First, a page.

When Craig and I got married, he was 45, I was 35 . . . and our families were respectively relieved, having long since given up on either of us tying the knot. While we each have redeeming qualities — I’m a decent cook and (at least at that time) was/am reasonably easy on the eyes in the right light, he’s indisputibly the kindest and smartest man I know — we also have our quirks and challenges. Not the least being, we had a long history of singleness.
Shortly after we were married, my writer friend Kay Strom had us over to her lovely home in Santa Barbara, and talked with me about her book for couples married later in life, Hand in Hand. Talking and laughing, sipping a leisurely cocktail, we summed up the single most important characteristic of “later-in-life love” (or any love, I suppose): the ability to persevere in love even when.
Fast forward ten years or so. Ironically, we’re discovering that the same stick-to-it-iveness that got us through those first bumpy years of married life, has come in handy for parenthood. It’s the dirty little secret not many parents allow themselves to own: sometimes loving our children doesn’t feel so warm and sweet. Sometimes it hurts. A lot. Like hugging a cactus . . . with itching powder on the tips. Ironically, the pricklier they are, the more they need the love.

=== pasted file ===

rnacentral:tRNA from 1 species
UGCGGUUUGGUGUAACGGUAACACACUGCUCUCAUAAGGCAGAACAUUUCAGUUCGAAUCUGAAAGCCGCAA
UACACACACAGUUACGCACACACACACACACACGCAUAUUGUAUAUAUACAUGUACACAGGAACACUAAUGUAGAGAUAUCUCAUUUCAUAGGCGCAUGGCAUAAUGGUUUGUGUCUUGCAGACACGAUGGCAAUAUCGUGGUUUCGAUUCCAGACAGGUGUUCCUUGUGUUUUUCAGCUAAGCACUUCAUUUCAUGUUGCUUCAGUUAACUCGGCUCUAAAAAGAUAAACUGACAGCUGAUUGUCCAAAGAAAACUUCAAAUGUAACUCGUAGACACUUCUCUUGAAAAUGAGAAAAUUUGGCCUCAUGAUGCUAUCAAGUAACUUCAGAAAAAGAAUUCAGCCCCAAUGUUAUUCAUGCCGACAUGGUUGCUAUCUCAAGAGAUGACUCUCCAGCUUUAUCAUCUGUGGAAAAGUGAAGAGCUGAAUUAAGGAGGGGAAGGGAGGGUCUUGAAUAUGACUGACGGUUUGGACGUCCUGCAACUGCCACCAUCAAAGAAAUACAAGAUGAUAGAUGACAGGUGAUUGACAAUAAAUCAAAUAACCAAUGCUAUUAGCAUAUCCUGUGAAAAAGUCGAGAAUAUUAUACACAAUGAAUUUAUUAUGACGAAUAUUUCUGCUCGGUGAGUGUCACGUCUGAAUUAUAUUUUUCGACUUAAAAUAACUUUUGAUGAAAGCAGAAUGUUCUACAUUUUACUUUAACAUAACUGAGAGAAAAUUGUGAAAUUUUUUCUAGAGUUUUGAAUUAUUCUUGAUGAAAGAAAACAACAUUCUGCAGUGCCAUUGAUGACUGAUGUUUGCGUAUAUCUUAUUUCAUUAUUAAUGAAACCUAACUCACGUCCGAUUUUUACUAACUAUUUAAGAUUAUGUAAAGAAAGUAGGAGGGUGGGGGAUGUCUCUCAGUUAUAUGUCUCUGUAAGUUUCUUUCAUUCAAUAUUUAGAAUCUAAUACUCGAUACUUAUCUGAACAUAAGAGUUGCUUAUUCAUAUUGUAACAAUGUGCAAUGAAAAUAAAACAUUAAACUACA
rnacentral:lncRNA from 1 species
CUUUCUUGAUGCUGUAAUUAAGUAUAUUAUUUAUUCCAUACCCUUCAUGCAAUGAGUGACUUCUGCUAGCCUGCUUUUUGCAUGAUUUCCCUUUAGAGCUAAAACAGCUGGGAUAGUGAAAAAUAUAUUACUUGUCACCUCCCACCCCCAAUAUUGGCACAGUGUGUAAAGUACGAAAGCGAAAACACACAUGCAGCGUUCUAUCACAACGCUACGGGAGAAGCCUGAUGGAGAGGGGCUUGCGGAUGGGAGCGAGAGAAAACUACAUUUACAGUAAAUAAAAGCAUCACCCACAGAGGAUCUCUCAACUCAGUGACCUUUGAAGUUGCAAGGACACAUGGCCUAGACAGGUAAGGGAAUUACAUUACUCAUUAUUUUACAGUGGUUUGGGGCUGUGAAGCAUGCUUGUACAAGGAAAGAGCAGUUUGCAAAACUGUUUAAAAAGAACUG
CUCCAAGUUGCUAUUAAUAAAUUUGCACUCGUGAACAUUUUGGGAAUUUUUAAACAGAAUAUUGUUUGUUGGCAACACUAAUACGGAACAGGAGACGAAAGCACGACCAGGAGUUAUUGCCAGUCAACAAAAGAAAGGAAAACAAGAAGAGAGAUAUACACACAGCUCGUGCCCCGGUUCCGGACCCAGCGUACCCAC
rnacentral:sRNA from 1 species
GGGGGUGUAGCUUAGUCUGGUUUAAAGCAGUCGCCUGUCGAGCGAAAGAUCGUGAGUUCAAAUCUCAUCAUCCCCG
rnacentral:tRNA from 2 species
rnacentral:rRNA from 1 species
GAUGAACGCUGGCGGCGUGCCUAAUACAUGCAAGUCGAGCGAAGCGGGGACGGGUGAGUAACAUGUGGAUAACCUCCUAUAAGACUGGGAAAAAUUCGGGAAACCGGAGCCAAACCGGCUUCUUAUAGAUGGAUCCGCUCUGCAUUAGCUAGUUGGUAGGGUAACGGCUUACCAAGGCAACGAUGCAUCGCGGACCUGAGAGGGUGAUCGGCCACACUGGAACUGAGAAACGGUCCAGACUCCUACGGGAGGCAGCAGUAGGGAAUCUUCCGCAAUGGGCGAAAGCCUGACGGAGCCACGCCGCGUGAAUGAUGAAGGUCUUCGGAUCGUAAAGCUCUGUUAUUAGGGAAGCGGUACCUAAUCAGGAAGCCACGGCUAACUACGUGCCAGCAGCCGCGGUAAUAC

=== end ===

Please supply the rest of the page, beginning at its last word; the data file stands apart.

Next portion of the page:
Today’s Love in Action: This week, look for an opportunity to love your spouse ‘even when.’
Note: Tomorrow’s link is found on the main page — I’ll post again January 4!